J.B. Spins

Jazz, film, and improvised culture.

Tuesday, July 17, 2012

Japan Cuts ’12: Girls for Keeps

Japan is the land of the rising Hello Kitty.  Cuteness is a big deal here.  It is all Yukiko Takigawa was ever good at.  However, people are telling her she is slightly less young than she once was and should maybe consider dressing like a schoolmarm now.  Takigawa and her friends will juggle their personal and professional lives as best they can in Yoshihiro Fukagawa’s Girls for Keeps (trailer here), which screens tomorrow as part of the 2012 Japan Cuts: The New York Festival of Japanese Cinema.

Yes, this is a chick flick.  Profoundly so, in fact, but at least the cast is attractive from top to bottom, unlike a certain former HBO show some might be tempted to compare with Takigawa’s fab four (it’s even based on a chick lit novel). 

Though roughly the same age, each is at a very different point in their lives.  Seiko Takeda has just received a plum promotion, but her passed-over chauvinist colleague is determined to undermine her authority.  Takako Hirai works hard at a luxury dealership and even harder as a single parent to her young son.  Sales manager Yoko Kosaka used to just plug away at the office, but when she is assigned an attractive but much younger trainee, she starts losing her cool.  Meanwhile, Takigawa has an opportunity to finally make her mark in the fashion industry, but a dowdy rival is not about to make things easy for her.

Yes, those relationship things sure are tricky.  Careers are no walk in the park either.  This might sound like somewhat shopworn material for Bridget Jones-saturated viewers, but it seems safe to assume Japanese boardrooms remain a far cry from Manhattan publishing offices.  The stakes for Takeda are actually quite high, which is why even the jaded will find themselves rooting for her nemesis’s comeuppance.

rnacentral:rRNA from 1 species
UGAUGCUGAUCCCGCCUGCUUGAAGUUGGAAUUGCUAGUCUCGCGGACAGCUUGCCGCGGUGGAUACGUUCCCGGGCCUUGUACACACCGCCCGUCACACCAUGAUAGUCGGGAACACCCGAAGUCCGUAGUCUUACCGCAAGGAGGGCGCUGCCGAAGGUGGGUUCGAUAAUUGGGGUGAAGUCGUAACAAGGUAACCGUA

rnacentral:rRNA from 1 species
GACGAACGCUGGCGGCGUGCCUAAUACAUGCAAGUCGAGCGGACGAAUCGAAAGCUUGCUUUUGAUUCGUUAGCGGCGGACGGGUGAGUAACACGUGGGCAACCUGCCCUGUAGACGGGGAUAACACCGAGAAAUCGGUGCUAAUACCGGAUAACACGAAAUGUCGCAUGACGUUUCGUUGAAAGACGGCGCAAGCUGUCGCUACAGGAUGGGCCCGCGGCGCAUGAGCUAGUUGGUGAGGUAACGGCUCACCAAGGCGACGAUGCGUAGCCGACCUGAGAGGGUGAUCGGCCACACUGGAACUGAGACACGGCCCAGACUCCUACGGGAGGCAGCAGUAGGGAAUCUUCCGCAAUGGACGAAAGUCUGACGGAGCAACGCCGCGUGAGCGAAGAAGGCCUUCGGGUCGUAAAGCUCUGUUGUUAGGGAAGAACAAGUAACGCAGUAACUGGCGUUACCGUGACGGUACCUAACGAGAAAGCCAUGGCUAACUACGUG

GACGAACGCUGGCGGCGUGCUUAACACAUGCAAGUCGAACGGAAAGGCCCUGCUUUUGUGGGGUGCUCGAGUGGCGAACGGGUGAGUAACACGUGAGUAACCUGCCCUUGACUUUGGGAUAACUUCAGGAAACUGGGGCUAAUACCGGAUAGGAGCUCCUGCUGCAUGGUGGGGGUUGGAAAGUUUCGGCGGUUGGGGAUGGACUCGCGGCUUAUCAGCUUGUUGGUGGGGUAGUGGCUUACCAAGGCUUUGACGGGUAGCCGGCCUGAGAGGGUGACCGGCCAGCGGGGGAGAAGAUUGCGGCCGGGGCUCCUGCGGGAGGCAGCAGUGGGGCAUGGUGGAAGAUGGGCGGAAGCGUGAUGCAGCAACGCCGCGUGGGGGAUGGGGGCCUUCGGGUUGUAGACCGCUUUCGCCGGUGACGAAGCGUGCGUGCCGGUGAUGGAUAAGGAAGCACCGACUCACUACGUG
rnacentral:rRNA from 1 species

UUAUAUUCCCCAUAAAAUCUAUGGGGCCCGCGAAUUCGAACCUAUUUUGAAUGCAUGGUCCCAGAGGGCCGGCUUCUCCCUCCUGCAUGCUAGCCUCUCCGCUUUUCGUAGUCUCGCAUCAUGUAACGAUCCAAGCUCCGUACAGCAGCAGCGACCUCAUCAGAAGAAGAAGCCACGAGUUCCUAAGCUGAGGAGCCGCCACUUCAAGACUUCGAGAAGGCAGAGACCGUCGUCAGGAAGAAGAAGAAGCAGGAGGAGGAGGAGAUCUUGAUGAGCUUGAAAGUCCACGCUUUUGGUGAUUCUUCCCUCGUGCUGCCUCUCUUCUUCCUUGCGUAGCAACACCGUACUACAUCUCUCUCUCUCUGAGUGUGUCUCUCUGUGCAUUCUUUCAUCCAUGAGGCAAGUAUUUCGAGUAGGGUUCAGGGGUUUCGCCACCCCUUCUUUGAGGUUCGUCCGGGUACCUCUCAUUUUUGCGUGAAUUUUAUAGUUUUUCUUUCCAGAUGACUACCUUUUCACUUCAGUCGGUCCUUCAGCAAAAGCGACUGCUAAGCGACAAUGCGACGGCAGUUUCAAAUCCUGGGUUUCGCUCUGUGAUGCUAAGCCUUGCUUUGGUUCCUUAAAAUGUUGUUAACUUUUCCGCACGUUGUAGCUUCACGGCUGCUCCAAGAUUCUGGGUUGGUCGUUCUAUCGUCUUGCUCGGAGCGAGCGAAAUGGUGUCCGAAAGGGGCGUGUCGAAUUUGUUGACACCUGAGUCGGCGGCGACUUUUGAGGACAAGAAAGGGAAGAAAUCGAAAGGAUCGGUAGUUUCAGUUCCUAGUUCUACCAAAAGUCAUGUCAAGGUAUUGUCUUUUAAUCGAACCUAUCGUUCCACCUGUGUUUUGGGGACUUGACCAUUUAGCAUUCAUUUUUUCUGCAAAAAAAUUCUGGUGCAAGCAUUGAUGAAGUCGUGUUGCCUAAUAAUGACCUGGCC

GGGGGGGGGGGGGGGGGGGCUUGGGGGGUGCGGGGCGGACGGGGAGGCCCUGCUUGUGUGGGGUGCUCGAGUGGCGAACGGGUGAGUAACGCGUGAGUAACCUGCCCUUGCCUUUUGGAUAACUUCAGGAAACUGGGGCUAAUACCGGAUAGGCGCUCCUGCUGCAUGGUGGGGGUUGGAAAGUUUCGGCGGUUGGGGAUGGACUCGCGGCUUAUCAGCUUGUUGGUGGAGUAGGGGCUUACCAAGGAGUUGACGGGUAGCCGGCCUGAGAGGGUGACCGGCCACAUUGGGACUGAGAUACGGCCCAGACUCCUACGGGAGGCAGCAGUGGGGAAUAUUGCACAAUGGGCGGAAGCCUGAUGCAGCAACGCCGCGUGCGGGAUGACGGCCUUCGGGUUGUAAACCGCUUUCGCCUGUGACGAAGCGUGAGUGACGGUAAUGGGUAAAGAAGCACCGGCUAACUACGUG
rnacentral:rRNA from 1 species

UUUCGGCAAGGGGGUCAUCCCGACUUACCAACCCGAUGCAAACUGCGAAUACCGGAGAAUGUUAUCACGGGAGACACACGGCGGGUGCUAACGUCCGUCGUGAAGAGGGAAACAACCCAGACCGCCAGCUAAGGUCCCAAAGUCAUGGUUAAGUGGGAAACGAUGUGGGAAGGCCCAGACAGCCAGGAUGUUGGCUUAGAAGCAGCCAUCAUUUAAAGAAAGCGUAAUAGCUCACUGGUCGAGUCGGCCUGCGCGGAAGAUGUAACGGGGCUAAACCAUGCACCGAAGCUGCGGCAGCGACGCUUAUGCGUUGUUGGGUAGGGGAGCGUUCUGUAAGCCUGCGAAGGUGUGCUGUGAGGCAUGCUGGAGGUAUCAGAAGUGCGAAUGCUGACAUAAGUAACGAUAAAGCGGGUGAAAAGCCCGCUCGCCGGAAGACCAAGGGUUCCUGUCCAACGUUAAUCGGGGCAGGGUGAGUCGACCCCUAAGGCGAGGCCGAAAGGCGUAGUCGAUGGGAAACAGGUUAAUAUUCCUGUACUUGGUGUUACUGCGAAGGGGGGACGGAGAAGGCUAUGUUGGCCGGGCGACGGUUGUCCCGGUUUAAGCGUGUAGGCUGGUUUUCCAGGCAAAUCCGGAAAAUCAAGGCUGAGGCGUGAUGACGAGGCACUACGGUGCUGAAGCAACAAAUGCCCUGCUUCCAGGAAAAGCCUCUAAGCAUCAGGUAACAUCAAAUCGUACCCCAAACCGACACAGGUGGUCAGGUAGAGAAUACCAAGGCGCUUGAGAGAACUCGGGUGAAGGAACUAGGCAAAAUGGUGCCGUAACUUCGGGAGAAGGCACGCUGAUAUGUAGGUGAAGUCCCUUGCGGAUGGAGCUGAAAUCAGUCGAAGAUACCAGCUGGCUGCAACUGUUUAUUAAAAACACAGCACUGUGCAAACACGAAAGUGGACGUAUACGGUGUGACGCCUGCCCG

Indeed, Girls starts a tad slow, but hits its stride as it catwalks along.  Takeda’s office intrigue is rather compelling and Takigawa’s relationship with her slacker boyfriend turns out to be far more interesting than it first appears.  All four co-leads are quite engaging, particularly Kumiko Asô (no stranger to Japan Cuts regulars from films like The Seaside Motel and Bare Essence of Life Ultra Miracle Love Story), who is quite engaging as Takeda, realistically wrestling with sexism and her own self-doubts.   Likewise, Karina’s Takigawa is a sweetly endearing protagonist-narrator (worlds removed from her electric turn in the Japan Cuts favorite Parade).

Despite a small army of characters and a bushel of subplots, Girls’ four primary story arcs hang together fairly well.  Refreshingly, it is maintains both a sense of idealism as well as a responsible level-headed world view.  Takigawa and her friends come to terms with the fact they cannot absolutely have it all, while also recognizing they should not automatically write-off major life options wholesale—to thine own self be true, but don’t kick yourself for making a few concessions here or there.  If Girls is more than a bit manipulative in getting to its morale, well that goes with the territory.  A cut above the genre standard thanks to its ensemble, Girls for Keeps is recommended for fans of Bridget Jones, Lifetime movies, and the talented Japanese cast.  It screens tomorrow night (7/18) at the Japan Society as part of this year’s Japan Cuts.

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